Russia’s foreign minister blames Ukrainian ‘extremist training camps’ for inciting protests in Belarus
Roughly 200 “trained extremists” are responsible for provoking “radical actions” at opposition protests in Minsk and other Belarusian cities, Russian Foreign Minister Sergey Lavrov claimed at a press conference on Wednesday in Moscow, where he discussed the results of negotiations with his Belarusian counterpart, Vladimir Makei.
“There are extremist training camps in Ukraine — in the Volyn and Dnipropetrovsk, according to our information — and today we discussed this. I’m sure our intelligence services should devote more attention to this and they’re now in contact [about the issue]. Based on our estimates, there are roughly 200 extremists, trained in Ukraine, now present in the Republic of Belarus,” Lavrov said, according to a report by the news agency Interfax.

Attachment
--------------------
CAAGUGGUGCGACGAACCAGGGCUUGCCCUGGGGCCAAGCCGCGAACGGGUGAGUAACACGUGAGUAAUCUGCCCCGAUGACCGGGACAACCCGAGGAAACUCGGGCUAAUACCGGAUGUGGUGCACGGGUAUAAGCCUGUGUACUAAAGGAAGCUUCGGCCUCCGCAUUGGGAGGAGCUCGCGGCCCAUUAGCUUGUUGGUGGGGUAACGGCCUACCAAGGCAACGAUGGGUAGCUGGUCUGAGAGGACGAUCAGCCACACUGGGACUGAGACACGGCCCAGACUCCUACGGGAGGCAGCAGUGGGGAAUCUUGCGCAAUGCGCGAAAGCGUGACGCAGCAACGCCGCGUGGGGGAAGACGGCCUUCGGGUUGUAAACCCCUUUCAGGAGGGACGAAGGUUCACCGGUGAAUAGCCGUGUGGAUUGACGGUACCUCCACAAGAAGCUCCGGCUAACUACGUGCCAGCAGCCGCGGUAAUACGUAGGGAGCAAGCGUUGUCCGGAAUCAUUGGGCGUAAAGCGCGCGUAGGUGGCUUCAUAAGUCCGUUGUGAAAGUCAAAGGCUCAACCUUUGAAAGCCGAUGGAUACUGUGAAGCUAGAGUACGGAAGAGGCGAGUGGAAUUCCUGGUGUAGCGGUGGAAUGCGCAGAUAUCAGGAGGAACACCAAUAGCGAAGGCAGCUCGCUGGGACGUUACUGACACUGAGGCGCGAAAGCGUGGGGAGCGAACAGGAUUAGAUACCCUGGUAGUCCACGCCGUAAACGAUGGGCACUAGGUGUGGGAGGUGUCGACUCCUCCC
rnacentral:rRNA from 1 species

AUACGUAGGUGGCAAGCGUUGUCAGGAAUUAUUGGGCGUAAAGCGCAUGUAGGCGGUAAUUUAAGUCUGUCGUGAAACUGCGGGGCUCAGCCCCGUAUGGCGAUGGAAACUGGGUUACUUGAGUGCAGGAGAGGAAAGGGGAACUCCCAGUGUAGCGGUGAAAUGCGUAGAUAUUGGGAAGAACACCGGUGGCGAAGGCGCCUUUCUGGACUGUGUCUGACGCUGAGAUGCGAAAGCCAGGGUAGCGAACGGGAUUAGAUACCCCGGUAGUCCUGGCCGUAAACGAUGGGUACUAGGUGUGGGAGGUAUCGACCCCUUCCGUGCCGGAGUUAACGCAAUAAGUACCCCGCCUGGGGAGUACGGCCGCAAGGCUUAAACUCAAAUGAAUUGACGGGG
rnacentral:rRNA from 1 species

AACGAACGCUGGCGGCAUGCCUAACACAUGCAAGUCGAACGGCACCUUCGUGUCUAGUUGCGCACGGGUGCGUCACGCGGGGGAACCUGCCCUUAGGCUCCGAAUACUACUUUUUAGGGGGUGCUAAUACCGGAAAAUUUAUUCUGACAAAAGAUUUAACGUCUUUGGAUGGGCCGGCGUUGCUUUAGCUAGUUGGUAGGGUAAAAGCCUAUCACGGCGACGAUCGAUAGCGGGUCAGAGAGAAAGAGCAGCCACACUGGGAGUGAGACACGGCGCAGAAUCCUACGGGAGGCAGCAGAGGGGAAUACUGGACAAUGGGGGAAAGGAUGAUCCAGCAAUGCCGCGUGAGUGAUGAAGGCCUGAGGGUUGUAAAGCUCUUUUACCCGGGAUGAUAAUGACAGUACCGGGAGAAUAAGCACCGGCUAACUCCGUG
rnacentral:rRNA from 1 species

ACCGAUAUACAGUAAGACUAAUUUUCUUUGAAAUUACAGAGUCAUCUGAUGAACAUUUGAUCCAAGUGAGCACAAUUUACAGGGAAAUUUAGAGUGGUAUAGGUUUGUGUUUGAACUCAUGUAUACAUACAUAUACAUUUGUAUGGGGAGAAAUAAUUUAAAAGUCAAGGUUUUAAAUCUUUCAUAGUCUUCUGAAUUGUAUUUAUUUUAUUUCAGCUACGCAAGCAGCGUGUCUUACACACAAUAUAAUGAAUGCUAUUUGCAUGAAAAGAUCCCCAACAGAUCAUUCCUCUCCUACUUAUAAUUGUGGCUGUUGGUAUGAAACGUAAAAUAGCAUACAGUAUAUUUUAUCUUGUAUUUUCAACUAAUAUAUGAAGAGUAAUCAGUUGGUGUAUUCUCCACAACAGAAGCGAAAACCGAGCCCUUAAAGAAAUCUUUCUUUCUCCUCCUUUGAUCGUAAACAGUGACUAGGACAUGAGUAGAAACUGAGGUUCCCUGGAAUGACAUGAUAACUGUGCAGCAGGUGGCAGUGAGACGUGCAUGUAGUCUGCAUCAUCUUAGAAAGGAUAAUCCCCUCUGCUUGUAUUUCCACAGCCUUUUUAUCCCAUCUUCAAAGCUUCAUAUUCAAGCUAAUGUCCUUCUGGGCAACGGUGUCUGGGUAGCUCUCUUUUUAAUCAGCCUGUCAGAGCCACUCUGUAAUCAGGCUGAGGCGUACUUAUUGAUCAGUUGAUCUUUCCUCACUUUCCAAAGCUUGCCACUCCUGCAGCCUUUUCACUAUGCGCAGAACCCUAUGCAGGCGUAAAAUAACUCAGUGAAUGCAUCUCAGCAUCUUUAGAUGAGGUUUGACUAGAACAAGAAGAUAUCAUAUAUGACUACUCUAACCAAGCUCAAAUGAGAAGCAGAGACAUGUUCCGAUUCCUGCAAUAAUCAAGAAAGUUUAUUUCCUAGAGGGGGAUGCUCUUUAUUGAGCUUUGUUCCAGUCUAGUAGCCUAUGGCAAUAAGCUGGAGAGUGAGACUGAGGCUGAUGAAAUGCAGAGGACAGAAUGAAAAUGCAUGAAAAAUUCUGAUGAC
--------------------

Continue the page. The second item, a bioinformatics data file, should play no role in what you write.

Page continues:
Lavrov said Russia has evidence that radical protests in Belarus are due in part to instigation by Ukrainian paramilitary and nationalist organizations like “Tryzub,” “S14,” the “National Corps,” and “Right Sector” (all banned in Russia). “All these outfits are involved in provoking radical actions in Minsk and other Belarusian cities, financing related activities, and inciting those whom they consider to be promising extremist leaders in order to introduce violent elements into what is happening in demonstrations in the Belarusian capital,” the Russian foreign minister explained.
Officials in Belarus have repeatedly blamed foreign instigators for the opposition protests that have rocked the country since the contested August 9 presidential election, when Alexander Lukashenko claimed his latest landslide re-election victory. Minsk has singled out Poland, Ukraine, and the Baltic states.
Vladimir Putin says Russia has assembled a police reserve that could be dispatched to uphold law and order in Belarus, if Lukashenko requests assistance and “extremists start burning cars and homes.”